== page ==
CELINA — After 16 months, 329 interviews and thousands of hours on the case, Mercer County Sheriff Jeff Grey named Wednesday the man he believes bound and shot a rural Fort Recovery man and woman.
The man, Trevin Sanders, wasn’t even at man, by law, at the time. Now 18, Sanders was 17 when Robert and Colleen Grube were shot and killed inside their home surrounded by farm fields on Nov. 29 or 30, 2011.
Colleen Grube’s sister-in-law found the bodies. Robert Grube, 70, was found in his wheelchair while his 47-year-old daughter was on a couch. They were bound with duct tape and shot to death.
Sanders, originally from Union City, sits in an Indiana prison serving time for theft and receiving stolen property. He’s been there since October 2012 on charges unrelated to the Grube murders.
Sanders will be brought back to Mercer County to face 27 criminal counts, Grey said, including two counts of aggravated murder with a gun, kidnapping, aggravated robbery and aggravated burglary.
Bringing Sanders back may take some time. The extradition process and the fact he was a juvenile at the time of the crime create several legal obstacles. Although the case will start in Mercer County Juvenile Court, Sanders can be tried as an adult. He cannot face the death penalty because he was a juvenile at the time of the crime.
Also charged is Bryant Rhoades, 22, of Union City, with one count of obstructing justice, a third-degree felony. The charge normally is a misdemeanor. Because it’s connected to a high-level felony, Grey said, it becomes a felony.
Rhoades was arrested Tuesday morning and is being held on a $350,000 bond.
Grey did not explain Rhoades' role. Mercer County Prosecutor Matt Fox said Rhoades' charge relates to a June 4 incident. Fox said Rhoades hindered the investigation and gave false information to detectives on the Grube murders.
Court records indicate Rhoades was arrested Jan. 3, 2012, with others in connection with clandestine methamphetamine lab discovered at his home on state Route 571 in Union City.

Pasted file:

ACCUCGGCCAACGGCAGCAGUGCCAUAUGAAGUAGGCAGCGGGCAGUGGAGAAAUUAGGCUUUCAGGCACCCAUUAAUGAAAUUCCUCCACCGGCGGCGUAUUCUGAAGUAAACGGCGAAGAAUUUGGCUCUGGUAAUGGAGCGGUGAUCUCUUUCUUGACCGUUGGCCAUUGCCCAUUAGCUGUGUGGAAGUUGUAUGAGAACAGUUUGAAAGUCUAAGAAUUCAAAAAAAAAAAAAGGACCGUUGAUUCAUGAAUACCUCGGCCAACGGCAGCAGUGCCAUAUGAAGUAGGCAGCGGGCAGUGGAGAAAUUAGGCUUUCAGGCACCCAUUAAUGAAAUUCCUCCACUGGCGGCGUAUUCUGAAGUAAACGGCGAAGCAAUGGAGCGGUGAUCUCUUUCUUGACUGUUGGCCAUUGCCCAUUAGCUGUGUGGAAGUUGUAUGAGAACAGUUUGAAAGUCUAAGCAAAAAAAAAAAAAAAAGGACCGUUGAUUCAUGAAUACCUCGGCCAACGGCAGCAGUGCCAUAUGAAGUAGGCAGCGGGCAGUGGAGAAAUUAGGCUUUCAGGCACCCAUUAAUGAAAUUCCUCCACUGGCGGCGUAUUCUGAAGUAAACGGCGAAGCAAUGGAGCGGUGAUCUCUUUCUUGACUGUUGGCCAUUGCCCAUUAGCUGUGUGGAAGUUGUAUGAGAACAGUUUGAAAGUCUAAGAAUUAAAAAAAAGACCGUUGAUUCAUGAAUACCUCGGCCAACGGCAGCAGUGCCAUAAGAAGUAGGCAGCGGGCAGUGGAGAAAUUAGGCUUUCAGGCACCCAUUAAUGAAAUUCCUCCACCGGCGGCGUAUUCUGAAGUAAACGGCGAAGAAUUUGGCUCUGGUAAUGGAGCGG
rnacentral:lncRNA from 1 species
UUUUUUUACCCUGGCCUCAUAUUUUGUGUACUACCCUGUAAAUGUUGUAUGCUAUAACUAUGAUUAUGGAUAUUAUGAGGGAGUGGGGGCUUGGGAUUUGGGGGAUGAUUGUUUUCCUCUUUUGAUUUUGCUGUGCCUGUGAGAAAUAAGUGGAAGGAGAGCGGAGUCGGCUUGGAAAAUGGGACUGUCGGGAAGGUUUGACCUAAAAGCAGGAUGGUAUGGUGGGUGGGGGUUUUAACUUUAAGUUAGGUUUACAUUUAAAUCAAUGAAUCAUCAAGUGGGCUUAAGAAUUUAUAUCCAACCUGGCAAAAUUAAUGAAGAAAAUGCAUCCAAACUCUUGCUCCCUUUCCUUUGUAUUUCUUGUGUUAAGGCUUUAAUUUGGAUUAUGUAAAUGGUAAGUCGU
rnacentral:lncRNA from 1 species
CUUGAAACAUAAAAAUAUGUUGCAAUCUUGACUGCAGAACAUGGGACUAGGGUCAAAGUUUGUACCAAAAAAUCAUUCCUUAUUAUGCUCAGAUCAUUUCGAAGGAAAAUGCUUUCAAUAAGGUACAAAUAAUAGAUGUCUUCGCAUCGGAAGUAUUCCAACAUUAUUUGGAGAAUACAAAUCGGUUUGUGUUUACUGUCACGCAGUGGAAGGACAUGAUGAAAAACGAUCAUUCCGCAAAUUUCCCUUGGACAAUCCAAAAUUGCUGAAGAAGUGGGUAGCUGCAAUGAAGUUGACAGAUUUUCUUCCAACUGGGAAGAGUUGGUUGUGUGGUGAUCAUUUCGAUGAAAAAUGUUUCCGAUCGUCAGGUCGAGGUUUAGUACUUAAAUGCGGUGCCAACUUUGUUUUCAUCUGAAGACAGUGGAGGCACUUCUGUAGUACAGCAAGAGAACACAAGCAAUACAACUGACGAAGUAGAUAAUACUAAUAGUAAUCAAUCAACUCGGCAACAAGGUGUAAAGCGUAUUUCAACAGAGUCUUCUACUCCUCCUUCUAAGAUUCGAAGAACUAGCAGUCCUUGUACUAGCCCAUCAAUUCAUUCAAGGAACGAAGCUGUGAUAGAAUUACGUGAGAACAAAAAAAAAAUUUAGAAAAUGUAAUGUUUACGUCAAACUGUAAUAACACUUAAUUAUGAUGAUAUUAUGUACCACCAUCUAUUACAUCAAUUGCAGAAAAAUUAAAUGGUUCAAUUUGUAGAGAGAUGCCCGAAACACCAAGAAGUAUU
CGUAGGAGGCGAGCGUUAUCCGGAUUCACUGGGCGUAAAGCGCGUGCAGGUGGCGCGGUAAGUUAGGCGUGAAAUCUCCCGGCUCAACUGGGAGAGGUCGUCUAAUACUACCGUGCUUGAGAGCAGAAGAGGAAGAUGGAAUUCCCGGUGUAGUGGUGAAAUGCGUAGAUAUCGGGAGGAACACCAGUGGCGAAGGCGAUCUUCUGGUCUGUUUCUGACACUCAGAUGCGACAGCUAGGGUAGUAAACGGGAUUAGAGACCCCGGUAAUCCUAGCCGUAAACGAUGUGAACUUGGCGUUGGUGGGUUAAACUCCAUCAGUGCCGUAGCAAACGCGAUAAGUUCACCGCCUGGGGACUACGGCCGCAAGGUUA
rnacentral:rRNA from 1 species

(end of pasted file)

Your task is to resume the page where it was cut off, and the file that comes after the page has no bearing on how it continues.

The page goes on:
“Rhoades made multiple statements to investigator regarding information relevant to the Grube homicide,” according to court records. “One interview occurred on June 4, 2012. Rhoades stated that there was an unnamed female subject involved in the Grube homicide, and that on the night of the homicide, Rhoades had met her at a mobile home in Broadway Mobile Home Court, Fort Recovery.”
Rhoades took investigators to the trailer park and showed them the house trailer, but investigators determined his story was fabricated. The trailer home belonged to a man who had lived there for more than 30 years. According to court records, that man had no connection to the Grube murders.
Grey said it’s possible others will be arrested.
The scope of the case
While sheriff's officials previously said evidence showed a man and woman were present at the time of the murders, Grey did not discuss that. The sheriff said, to protect the integrity of the investigation, he was not answering any questions.
“I’m not going to take any questions today. I apologize for that. We don’t have these kind of cases in Mercer County so I want to be very, very careful what I say,” Grey said.